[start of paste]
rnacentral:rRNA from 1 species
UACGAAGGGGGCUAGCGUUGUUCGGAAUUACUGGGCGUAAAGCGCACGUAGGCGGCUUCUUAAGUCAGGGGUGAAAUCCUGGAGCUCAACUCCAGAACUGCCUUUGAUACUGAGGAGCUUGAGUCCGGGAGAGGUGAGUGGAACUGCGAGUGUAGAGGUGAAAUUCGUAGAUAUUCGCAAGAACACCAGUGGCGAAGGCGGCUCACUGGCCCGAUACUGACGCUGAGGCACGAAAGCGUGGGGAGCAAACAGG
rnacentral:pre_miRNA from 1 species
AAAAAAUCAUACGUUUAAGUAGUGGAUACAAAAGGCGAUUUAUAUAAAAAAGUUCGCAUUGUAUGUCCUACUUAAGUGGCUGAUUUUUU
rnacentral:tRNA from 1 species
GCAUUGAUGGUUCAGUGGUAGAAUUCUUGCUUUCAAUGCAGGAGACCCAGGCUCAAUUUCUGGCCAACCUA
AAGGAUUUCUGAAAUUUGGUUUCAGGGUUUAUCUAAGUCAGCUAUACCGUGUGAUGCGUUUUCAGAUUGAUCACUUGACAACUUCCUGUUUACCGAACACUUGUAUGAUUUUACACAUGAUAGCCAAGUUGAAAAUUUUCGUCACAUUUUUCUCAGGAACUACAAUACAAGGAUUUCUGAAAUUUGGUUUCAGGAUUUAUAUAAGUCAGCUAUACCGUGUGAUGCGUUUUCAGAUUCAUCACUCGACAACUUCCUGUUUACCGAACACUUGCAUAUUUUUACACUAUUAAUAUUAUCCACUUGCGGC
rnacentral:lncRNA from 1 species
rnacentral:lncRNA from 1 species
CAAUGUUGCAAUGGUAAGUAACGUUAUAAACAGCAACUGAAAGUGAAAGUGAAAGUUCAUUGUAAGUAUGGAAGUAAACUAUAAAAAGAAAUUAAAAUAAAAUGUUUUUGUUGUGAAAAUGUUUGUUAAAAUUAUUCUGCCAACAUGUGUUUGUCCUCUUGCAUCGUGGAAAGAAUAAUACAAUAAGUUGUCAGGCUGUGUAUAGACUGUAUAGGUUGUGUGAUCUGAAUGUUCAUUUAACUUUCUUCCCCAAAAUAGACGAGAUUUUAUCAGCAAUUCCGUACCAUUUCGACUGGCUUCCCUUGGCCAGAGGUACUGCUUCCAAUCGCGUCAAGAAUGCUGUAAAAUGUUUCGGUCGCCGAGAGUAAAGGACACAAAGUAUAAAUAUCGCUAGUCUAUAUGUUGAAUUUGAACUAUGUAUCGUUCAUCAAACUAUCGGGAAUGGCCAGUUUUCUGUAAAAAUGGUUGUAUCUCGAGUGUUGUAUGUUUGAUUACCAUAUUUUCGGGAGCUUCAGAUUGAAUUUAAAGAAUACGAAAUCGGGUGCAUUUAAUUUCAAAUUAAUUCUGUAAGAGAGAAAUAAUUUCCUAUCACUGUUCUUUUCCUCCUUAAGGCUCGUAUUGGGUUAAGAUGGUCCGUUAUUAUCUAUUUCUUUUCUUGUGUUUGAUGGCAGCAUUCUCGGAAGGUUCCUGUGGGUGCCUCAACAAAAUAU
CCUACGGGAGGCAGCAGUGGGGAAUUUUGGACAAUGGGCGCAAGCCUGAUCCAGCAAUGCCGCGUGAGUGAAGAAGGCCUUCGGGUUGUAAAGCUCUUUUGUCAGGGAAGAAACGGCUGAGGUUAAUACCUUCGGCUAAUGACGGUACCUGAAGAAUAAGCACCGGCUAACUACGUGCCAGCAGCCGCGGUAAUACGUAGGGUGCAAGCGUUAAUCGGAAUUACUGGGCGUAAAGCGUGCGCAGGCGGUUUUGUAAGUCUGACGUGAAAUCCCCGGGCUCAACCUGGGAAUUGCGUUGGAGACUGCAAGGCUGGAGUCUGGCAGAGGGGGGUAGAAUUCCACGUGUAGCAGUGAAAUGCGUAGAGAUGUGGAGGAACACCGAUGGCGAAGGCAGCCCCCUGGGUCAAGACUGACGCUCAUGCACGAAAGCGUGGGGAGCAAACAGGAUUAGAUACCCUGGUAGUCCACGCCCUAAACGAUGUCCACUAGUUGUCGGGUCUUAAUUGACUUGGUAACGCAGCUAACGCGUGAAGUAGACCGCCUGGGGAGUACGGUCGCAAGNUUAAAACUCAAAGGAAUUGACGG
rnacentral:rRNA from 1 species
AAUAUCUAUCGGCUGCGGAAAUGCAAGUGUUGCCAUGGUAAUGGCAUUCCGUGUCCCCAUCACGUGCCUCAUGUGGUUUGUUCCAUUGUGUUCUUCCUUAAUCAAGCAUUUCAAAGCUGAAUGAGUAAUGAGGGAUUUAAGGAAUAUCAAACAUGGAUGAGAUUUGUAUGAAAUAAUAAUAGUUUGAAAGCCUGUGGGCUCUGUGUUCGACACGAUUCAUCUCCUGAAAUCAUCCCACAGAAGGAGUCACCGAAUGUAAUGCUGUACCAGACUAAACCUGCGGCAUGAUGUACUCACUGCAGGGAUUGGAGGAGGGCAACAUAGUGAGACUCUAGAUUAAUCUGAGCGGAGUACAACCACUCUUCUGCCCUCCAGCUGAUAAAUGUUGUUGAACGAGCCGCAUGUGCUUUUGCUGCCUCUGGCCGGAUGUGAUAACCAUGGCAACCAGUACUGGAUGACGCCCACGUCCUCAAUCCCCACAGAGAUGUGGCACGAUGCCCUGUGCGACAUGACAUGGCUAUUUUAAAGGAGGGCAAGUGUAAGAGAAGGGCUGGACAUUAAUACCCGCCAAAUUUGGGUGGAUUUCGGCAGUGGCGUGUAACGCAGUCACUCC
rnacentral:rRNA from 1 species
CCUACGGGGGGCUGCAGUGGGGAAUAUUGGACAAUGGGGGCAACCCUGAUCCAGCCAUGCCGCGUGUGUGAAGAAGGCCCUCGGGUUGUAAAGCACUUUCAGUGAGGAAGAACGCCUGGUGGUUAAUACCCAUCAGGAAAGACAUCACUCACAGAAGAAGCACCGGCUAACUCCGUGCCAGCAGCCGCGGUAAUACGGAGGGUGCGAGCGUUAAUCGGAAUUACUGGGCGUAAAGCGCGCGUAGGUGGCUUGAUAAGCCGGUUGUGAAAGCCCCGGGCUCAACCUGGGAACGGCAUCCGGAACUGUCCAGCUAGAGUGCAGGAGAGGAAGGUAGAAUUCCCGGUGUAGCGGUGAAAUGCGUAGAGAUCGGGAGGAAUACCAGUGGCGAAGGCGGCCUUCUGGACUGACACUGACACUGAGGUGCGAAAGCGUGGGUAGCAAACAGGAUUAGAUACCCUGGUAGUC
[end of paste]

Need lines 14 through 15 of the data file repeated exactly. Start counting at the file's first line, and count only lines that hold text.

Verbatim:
rnacentral:rRNA from 1 species
CCUACGGGGGGCUGCAGUGGGGAAUAUUGGACAAUGGGGGCAACCCUGAUCCAGCCAUGCCGCGUGUGUGAAGAAGGCCCUCGGGUUGUAAAGCACUUUCAGUGAGGAAGAACGCCUGGUGGUUAAUACCCAUCAGGAAAGACAUCACUCACAGAAGAAGCACCGGCUAACUCCGUGCCAGCAGCCGCGGUAAUACGGAGGGUGCGAGCGUUAAUCGGAAUUACUGGGCGUAAAGCGCGCGUAGGUGGCUUGAUAAGCCGGUUGUGAAAGCCCCGGGCUCAACCUGGGAACGGCAUCCGGAACUGUCCAGCUAGAGUGCAGGAGAGGAAGGUAGAAUUCCCGGUGUAGCGGUGAAAUGCGUAGAGAUCGGGAGGAAUACCAGUGGCGAAGGCGGCCUUCUGGACUGACACUGACACUGAGGUGCGAAAGCGUGGGUAGCAAACAGGAUUAGAUACCCUGGUAGUC